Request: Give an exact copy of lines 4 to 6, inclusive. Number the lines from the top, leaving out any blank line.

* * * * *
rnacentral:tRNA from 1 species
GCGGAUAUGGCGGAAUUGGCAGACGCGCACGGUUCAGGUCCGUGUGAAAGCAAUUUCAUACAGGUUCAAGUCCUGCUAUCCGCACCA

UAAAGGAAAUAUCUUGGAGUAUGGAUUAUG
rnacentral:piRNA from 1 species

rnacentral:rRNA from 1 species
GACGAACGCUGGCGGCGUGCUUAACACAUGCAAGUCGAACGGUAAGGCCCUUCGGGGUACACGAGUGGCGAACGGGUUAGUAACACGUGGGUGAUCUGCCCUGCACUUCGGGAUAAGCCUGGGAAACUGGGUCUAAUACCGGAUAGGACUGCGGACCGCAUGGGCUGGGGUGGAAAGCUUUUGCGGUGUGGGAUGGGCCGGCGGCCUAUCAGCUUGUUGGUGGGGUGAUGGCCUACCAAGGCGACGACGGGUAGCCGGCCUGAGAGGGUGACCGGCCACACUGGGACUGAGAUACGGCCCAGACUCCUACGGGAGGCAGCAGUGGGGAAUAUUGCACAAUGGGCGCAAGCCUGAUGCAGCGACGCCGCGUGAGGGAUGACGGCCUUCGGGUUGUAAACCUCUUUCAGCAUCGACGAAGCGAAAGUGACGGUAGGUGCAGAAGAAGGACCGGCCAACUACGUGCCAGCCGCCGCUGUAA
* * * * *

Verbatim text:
rnacentral:piRNA from 1 species

rnacentral:rRNA from 1 species
GACGAACGCUGGCGGCGUGCUUAACACAUGCAAGUCGAACGGUAAGGCCCUUCGGGGUACACGAGUGGCGAACGGGUUAGUAACACGUGGGUGAUCUGCCCUGCACUUCGGGAUAAGCCUGGGAAACUGGGUCUAAUACCGGAUAGGACUGCGGACCGCAUGGGCUGGGGUGGAAAGCUUUUGCGGUGUGGGAUGGGCCGGCGGCCUAUCAGCUUGUUGGUGGGGUGAUGGCCUACCAAGGCGACGACGGGUAGCCGGCCUGAGAGGGUGACCGGCCACACUGGGACUGAGAUACGGCCCAGACUCCUACGGGAGGCAGCAGUGGGGAAUAUUGCACAAUGGGCGCAAGCCUGAUGCAGCGACGCCGCGUGAGGGAUGACGGCCUUCGGGUUGUAAACCUCUUUCAGCAUCGACGAAGCGAAAGUGACGGUAGGUGCAGAAGAAGGACCGGCCAACUACGUGCCAGCCGCCGCUGUAA